Published: November 1, 2012
Category: GMO Food Environmental Risks
GM crops increased pesticide use by 404 million pounds since 1996
A recently published study has found that pesticide use has increased with genetically modified crops, disproving claims by biotech proponents that GM crops reduce pesticide use.
The study was published by Washington State University research professor Charles Benbrook, who examined pesticide use on GM cotton, soybeans, and corn.
His findings are based on an exhaustive analysis of publicly available data from the US Department of Agriculture’s National Agriculture Statistics Service. Benbrook’s analysis is the first peer-reviewed, published estimate of the impacts of GM herbicide-tolerant (HT) crops on pesticide use.
In the study, which appeared in the peer-reviewed journal Environmental Sciences Europe, Benbrook writes that the emergence and spread of glyphosate-resistant weeds is strongly correlated with the upward trajectory in herbicide use. Marketed as Roundup and other trade names, glyphosate is a broad-spectrum systemic herbicide used to kill weeds. Approximately 95% of soybean and cotton acres, and over 85% of corn, are planted to varieties genetically modified to be herbicide resistant.
“Resistant weeds have become a major problem for many farmers reliant on GM crops, and are now driving up the volume of herbicide needed each year by about 25 percent,” Benbrook said.
The annual increase in the herbicides required to deal with tougher-to-control weeds on cropland planted to GM cultivars has grown from 1.5 million pounds in 1999 to about 90 million pounds in 2011.
Overall, today’s major GM crops have increased overall pesticide use by 404 million pounds from 1996 through 2011 (527 million pound increase in herbicides, minus 123 million pound decrease in insecticides).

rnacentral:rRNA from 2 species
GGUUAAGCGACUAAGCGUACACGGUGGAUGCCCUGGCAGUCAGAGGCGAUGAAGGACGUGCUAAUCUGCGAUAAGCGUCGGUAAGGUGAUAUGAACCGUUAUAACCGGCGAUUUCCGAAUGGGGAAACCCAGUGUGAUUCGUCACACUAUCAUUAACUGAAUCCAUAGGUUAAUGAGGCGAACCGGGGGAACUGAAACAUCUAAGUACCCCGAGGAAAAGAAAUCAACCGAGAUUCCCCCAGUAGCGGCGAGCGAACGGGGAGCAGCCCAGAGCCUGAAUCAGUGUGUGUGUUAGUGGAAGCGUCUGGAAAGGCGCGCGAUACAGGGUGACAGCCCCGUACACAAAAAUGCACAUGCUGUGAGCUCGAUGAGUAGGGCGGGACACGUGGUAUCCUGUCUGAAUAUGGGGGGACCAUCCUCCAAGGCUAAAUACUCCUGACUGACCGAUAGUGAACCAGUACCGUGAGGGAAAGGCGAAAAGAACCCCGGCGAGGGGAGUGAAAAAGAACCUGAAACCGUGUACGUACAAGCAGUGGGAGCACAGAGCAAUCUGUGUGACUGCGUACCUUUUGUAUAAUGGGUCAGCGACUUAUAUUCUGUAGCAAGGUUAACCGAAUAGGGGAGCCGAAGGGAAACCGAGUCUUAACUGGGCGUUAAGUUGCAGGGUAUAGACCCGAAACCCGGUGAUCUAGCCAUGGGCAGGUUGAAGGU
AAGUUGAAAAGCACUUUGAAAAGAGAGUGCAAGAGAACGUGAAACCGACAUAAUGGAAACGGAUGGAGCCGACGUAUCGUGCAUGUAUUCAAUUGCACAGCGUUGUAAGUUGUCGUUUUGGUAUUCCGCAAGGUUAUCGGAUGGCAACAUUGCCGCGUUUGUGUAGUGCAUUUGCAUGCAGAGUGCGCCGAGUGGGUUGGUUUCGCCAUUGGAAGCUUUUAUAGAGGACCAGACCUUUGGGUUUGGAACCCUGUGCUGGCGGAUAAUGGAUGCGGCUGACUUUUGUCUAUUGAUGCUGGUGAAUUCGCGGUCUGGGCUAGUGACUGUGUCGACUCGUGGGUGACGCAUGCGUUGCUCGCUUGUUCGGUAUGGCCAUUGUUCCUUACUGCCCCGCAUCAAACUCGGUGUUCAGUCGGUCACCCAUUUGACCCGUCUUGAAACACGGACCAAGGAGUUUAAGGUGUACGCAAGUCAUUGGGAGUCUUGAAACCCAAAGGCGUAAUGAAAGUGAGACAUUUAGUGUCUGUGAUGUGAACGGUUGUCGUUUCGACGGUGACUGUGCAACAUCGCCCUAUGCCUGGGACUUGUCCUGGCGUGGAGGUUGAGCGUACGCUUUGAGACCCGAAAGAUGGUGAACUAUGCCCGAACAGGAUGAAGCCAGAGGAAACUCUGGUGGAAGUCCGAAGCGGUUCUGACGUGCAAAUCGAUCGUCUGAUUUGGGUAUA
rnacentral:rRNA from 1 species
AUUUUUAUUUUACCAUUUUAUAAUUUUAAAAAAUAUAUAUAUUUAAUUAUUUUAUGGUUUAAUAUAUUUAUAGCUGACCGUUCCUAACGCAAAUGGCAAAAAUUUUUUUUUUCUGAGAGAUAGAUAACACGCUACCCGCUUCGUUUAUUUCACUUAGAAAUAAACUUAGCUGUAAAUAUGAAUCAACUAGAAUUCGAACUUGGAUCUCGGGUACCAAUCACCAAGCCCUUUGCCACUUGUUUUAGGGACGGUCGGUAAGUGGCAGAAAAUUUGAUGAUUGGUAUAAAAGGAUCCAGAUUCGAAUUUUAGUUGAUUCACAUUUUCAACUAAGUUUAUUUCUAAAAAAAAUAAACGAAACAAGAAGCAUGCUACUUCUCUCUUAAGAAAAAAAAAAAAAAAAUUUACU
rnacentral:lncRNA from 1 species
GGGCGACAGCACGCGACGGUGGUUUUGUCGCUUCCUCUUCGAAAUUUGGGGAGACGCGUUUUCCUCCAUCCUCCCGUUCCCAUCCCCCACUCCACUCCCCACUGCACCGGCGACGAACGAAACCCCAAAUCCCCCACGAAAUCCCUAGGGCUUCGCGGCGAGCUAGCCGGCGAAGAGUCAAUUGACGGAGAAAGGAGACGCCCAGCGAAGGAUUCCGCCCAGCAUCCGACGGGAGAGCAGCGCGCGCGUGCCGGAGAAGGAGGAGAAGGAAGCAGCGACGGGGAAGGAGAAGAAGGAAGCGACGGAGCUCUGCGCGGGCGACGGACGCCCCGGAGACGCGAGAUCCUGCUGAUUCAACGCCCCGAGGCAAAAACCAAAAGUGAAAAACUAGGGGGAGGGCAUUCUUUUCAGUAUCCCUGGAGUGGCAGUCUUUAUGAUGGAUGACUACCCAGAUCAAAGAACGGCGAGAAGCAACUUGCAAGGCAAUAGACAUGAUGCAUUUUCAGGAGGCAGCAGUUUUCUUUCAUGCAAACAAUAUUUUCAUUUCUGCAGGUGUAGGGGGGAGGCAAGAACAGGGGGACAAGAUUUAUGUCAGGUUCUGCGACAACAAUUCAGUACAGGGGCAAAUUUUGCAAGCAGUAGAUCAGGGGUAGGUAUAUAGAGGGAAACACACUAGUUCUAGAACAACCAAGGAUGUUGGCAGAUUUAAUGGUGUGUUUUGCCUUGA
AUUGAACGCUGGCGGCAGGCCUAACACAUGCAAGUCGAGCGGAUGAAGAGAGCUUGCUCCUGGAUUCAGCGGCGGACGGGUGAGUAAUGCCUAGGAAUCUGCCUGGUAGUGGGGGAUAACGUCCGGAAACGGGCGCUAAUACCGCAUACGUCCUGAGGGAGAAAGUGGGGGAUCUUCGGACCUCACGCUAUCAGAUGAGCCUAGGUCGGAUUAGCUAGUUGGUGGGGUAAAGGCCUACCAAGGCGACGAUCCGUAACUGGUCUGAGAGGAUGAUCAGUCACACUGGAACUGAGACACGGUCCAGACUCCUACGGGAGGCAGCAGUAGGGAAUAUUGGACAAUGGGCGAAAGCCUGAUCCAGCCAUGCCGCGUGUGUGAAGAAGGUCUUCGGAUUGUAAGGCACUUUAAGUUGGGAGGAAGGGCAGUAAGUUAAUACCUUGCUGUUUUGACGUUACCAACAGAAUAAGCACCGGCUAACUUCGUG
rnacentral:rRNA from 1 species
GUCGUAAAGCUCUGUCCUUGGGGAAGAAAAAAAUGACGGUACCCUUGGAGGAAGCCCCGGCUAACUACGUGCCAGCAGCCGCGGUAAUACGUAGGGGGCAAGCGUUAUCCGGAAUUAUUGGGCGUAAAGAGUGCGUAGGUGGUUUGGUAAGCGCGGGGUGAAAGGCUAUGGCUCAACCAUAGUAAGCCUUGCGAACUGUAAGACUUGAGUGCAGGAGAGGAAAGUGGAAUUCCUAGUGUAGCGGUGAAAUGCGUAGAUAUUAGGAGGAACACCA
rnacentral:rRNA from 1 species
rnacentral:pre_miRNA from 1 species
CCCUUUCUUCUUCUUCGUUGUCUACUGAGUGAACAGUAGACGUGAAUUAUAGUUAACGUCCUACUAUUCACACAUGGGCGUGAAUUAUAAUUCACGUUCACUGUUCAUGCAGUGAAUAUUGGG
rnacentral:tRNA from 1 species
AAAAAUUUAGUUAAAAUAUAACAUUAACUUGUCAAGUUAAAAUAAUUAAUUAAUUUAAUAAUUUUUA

The biotechnology companies’ solution to herbicide resistant weeds is to introduce new GM crops that are tolerant to older, more toxic herbicides such as 2,4-D and dicamba. Benbrook has compared “this solution” to “pouring gasoline on a fire” because weeds will become resistant to these herbicides also.
“The USDA data is clear that herbicide usage is being pushed upward and the seed industry’s response to introduce more herbicide tolerant crops will make the problem worse and increase resistance. Herbicide tolerant crops are creating an onramp to a new high powered herbicide treadmill for farmers,” Benbrook says.
Benbrook also found that from 1996-2011 insect resistant genetically modified Bt corn and cotton crops reduced insecticide use by 123 million pounds, or about 28%. However, Benbrook says those gains are being reversed by insect resistance to the Bt toxin, which is causing farmers to use more insecticides.
In addition, biotech seed companies are increasing the amount of Bt toxin in GM Bt crops from one or two pounds per acre to nearly four. For example, so-called SmartStax GM corn produces 3.7 pounds of Bt per acre compared with 0.3 pounds of insecticides that would be used per acre without Bt corn. “3.7 pounds is a lot of Bt,” Benbrook says.
Benbrook says this escalation in the amount of toxins used poses environmental threats, especially since research has found that Bt can persist in soil and water for nearly six months after harvest.
“We should expect some unexpected things to happen in soils and possibly aquatic ecosystems (as a result of the increased amounts of Bt),” he says.
© Copyright The Organic & Non-GMO Report, November 2012